Leveraging River Water at Ragged Chutes

The HAC at Ragged Chutes used the flow of river water across an elevation change in the Ragged Chutes rapids to provide flow into the network of caverns. The river did not provide the full 341 feet of head required to compress to 120 psi, it only needed to push the water first through the inlet shafts, then through the separation chamber, and then up though the discharge shaft that returns the water to the river.

As the water flows into the intake shaft, it carries with it entrained air bubbles. As the air gets deeper and deeper into the water column the compression takes place. Unlike a normal air compressor, the compressed air temperature does not rise appreciably, making the compression process isothermal as detailed in Figure 1, which is the most efficient way to compress the gas. Pressure regulation is provided by a blow-off system. As the air pressure increases the water level in the underground chamber lowers, uncovering the end of a blow off pipe. This is the most impressive part of the old Ragged Chutes air compressor. The blow-off of compressed air and water created a plume reaching 220 feet in the air.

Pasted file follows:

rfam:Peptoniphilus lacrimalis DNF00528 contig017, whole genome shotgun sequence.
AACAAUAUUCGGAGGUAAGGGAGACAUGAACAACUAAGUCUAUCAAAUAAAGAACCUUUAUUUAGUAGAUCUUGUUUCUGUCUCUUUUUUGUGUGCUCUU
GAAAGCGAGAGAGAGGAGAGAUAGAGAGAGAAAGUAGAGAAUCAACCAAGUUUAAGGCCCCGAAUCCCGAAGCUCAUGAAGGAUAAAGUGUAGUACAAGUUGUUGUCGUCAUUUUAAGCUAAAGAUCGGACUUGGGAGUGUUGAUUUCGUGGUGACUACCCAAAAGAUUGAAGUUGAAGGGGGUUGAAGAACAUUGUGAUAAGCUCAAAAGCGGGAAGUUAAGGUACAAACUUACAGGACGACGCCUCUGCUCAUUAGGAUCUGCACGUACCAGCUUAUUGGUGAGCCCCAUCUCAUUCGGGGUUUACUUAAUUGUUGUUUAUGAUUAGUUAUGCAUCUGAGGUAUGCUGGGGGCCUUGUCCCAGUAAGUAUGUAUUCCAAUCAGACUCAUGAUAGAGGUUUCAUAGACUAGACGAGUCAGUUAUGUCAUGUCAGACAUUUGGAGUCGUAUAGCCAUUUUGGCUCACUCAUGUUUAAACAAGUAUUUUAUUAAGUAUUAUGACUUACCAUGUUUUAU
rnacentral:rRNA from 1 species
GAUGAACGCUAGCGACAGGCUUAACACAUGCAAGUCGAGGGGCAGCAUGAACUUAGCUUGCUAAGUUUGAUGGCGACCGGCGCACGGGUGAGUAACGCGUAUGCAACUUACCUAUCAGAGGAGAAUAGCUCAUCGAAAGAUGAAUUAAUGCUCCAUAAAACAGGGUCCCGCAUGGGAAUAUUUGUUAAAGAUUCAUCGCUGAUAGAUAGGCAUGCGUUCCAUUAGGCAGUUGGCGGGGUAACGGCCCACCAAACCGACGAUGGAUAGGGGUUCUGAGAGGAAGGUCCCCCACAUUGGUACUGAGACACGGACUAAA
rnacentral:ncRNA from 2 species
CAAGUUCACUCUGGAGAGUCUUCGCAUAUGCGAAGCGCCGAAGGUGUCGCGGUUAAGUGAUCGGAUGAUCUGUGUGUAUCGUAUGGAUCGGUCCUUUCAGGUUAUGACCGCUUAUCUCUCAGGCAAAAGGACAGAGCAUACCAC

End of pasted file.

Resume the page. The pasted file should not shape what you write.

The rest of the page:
Figure 1

Figure 1: The hydraulic compressor is nearly isothermal (light-dotted grey line). Therefore, the production of compressed air requires less work than a standard polytropic compressor (black solid line). Chart courtesy of Electrale Innovation Limited.

This air compressor had no moving parts and required no external energy input. Once its construction cost was paid for it essentially gave free compressed air over its 70-year lifespan. The air compressor in its applied design, however, required a good supply of river water and a very deep hole in the ground, conditions that are not always available where compressed air is needed. However some of these requirements are present in modern day mine sites. With a few modifications to the design, it was felt by the Laurentian University team that a viable HAC could be constructed without river water power. (For more about the Ragged Chutes HAC, visit


Making the Old New

Research on reviving the use of hydraulic air compressors started when the mining industry was looking for ways to efficiently power turbo coolers for reduction of ambient air temperature in ultra-deep mines. If this could be done economically the depth of the mines could be extended, prolonging the life of some mines by a decade or two.